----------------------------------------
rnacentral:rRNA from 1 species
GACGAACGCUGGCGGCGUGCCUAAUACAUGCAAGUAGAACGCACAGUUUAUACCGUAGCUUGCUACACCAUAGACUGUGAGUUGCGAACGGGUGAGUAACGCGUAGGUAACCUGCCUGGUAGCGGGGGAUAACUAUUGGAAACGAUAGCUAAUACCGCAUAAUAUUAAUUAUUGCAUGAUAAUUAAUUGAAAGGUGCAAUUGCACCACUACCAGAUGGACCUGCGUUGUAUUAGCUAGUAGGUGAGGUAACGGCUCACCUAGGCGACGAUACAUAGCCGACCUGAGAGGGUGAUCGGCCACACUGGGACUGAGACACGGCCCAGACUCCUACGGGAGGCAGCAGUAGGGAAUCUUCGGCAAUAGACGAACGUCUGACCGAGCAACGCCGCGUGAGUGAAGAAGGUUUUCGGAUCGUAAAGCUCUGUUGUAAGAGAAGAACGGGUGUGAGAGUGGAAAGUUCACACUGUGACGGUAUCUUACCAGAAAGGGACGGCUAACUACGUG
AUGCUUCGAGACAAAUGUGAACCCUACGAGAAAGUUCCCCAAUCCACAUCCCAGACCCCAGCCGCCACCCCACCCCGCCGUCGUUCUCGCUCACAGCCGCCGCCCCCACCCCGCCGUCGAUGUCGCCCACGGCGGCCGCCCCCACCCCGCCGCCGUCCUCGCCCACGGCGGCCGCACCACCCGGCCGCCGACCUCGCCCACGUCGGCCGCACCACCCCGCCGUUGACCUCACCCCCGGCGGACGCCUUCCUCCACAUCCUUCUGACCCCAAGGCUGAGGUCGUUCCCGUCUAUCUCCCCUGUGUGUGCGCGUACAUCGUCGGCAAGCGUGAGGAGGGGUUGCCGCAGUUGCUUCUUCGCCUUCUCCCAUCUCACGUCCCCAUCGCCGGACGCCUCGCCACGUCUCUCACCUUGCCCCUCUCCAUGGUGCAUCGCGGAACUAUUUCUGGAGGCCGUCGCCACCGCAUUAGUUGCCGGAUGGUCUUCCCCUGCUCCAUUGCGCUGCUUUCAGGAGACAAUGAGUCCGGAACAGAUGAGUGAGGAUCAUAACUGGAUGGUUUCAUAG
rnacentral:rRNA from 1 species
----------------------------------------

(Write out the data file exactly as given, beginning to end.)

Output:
rnacentral:rRNA from 1 species
GACGAACGCUGGCGGCGUGCCUAAUACAUGCAAGUAGAACGCACAGUUUAUACCGUAGCUUGCUACACCAUAGACUGUGAGUUGCGAACGGGUGAGUAACGCGUAGGUAACCUGCCUGGUAGCGGGGGAUAACUAUUGGAAACGAUAGCUAAUACCGCAUAAUAUUAAUUAUUGCAUGAUAAUUAAUUGAAAGGUGCAAUUGCACCACUACCAGAUGGACCUGCGUUGUAUUAGCUAGUAGGUGAGGUAACGGCUCACCUAGGCGACGAUACAUAGCCGACCUGAGAGGGUGAUCGGCCACACUGGGACUGAGACACGGCCCAGACUCCUACGGGAGGCAGCAGUAGGGAAUCUUCGGCAAUAGACGAACGUCUGACCGAGCAACGCCGCGUGAGUGAAGAAGGUUUUCGGAUCGUAAAGCUCUGUUGUAAGAGAAGAACGGGUGUGAGAGUGGAAAGUUCACACUGUGACGGUAUCUUACCAGAAAGGGACGGCUAACUACGUG
AUGCUUCGAGACAAAUGUGAACCCUACGAGAAAGUUCCCCAAUCCACAUCCCAGACCCCAGCCGCCACCCCACCCCGCCGUCGUUCUCGCUCACAGCCGCCGCCCCCACCCCGCCGUCGAUGUCGCCCACGGCGGCCGCCCCCACCCCGCCGCCGUCCUCGCCCACGGCGGCCGCACCACCCGGCCGCCGACCUCGCCCACGUCGGCCGCACCACCCCGCCGUUGACCUCACCCCCGGCGGACGCCUUCCUCCACAUCCUUCUGACCCCAAGGCUGAGGUCGUUCCCGUCUAUCUCCCCUGUGUGUGCGCGUACAUCGUCGGCAAGCGUGAGGAGGGGUUGCCGCAGUUGCUUCUUCGCCUUCUCCCAUCUCACGUCCCCAUCGCCGGACGCCUCGCCACGUCUCUCACCUUGCCCCUCUCCAUGGUGCAUCGCGGAACUAUUUCUGGAGGCCGUCGCCACCGCAUUAGUUGCCGGAUGGUCUUCCCCUGCUCCAUUGCGCUGCUUUCAGGAGACAAUGAGUCCGGAACAGAUGAGUGAGGAUCAUAACUGGAUGGUUUCAUAG
rnacentral:rRNA from 1 species